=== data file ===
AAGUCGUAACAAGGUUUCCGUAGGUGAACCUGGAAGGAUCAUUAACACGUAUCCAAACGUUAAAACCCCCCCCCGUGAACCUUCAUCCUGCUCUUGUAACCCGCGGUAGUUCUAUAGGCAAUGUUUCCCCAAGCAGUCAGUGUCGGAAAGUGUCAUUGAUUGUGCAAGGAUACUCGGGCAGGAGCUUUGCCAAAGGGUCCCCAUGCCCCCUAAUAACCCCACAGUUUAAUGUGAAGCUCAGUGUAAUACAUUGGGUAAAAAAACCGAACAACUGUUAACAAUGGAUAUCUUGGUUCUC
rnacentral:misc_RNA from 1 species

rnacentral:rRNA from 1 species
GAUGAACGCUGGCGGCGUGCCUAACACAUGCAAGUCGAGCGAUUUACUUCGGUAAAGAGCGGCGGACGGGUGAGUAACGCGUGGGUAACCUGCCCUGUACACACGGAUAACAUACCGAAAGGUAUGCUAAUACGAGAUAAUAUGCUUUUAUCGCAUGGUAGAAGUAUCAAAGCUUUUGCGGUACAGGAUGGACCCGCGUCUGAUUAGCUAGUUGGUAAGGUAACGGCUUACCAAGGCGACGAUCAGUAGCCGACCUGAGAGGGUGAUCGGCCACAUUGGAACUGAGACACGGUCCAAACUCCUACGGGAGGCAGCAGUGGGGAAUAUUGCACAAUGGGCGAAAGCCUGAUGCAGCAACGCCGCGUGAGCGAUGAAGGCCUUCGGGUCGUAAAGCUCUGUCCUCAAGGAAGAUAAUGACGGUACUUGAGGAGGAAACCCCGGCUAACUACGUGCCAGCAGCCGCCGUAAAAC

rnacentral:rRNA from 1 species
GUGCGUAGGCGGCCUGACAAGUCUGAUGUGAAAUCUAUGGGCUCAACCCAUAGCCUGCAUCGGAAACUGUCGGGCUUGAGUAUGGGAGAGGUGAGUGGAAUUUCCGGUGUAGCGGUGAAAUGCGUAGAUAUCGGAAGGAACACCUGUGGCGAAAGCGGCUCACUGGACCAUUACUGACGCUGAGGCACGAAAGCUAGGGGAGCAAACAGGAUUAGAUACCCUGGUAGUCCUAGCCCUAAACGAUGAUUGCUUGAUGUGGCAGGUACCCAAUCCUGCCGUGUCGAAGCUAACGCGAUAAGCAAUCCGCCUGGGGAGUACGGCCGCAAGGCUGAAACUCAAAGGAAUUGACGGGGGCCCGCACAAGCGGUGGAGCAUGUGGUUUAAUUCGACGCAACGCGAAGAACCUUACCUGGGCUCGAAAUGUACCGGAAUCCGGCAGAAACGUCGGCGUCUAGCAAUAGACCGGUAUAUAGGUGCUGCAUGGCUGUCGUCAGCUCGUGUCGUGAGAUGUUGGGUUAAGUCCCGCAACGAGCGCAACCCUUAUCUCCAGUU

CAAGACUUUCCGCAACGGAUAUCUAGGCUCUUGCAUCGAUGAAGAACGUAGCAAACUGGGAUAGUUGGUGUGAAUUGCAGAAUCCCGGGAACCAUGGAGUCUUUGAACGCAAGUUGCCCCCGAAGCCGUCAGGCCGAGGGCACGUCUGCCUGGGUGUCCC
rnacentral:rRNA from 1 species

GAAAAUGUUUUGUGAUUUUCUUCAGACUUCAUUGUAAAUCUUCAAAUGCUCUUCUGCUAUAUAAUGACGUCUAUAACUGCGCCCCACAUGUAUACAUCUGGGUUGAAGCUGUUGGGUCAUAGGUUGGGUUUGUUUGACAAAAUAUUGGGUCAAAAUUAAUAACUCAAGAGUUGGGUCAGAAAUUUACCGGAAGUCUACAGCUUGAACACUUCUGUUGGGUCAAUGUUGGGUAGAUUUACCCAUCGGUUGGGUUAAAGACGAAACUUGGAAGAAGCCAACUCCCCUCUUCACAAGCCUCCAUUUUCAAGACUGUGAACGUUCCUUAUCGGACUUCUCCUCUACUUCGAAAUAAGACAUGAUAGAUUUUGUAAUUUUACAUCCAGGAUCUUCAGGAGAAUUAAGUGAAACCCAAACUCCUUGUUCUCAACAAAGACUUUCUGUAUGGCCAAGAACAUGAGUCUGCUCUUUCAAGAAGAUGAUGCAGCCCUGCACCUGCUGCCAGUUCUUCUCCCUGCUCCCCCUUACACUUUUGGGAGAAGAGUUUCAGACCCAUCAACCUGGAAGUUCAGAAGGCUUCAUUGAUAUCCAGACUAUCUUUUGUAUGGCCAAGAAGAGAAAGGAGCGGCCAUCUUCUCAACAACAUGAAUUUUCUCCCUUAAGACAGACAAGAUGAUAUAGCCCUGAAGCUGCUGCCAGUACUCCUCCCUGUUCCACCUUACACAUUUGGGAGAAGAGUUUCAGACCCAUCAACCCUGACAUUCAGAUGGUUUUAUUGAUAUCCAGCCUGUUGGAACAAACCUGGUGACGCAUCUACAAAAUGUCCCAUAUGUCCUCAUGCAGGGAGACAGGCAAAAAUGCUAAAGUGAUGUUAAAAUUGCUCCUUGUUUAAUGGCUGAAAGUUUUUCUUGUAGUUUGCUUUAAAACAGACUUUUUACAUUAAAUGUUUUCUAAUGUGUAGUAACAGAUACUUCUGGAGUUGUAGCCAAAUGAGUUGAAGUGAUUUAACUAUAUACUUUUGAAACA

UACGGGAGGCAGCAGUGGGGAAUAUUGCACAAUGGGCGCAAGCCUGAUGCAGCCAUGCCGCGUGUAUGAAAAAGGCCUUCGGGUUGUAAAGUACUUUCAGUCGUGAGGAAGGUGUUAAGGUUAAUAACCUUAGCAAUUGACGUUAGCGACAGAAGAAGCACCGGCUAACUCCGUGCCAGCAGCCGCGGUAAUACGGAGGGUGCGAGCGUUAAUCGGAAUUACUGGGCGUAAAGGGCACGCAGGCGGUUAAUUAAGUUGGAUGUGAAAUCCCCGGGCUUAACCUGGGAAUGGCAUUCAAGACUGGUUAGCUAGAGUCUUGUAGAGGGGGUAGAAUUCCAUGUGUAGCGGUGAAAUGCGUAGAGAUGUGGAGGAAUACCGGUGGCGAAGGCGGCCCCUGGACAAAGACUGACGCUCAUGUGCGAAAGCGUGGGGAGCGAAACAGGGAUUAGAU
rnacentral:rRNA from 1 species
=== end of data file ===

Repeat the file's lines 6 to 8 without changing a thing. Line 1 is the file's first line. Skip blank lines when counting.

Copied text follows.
GUGCGUAGGCGGCCUGACAAGUCUGAUGUGAAAUCUAUGGGCUCAACCCAUAGCCUGCAUCGGAAACUGUCGGGCUUGAGUAUGGGAGAGGUGAGUGGAAUUUCCGGUGUAGCGGUGAAAUGCGUAGAUAUCGGAAGGAACACCUGUGGCGAAAGCGGCUCACUGGACCAUUACUGACGCUGAGGCACGAAAGCUAGGGGAGCAAACAGGAUUAGAUACCCUGGUAGUCCUAGCCCUAAACGAUGAUUGCUUGAUGUGGCAGGUACCCAAUCCUGCCGUGUCGAAGCUAACGCGAUAAGCAAUCCGCCUGGGGAGUACGGCCGCAAGGCUGAAACUCAAAGGAAUUGACGGGGGCCCGCACAAGCGGUGGAGCAUGUGGUUUAAUUCGACGCAACGCGAAGAACCUUACCUGGGCUCGAAAUGUACCGGAAUCCGGCAGAAACGUCGGCGUCUAGCAAUAGACCGGUAUAUAGGUGCUGCAUGGCUGUCGUCAGCUCGUGUCGUGAGAUGUUGGGUUAAGUCCCGCAACGAGCGCAACCCUUAUCUCCAGUU

CAAGACUUUCCGCAACGGAUAUCUAGGCUCUUGCAUCGAUGAAGAACGUAGCAAACUGGGAUAGUUGGUGUGAAUUGCAGAAUCCCGGGAACCAUGGAGUCUUUGAACGCAAGUUGCCCCCGAAGCCGUCAGGCCGAGGGCACGUCUGCCUGGGUGUCCC
rnacentral:rRNA from 1 species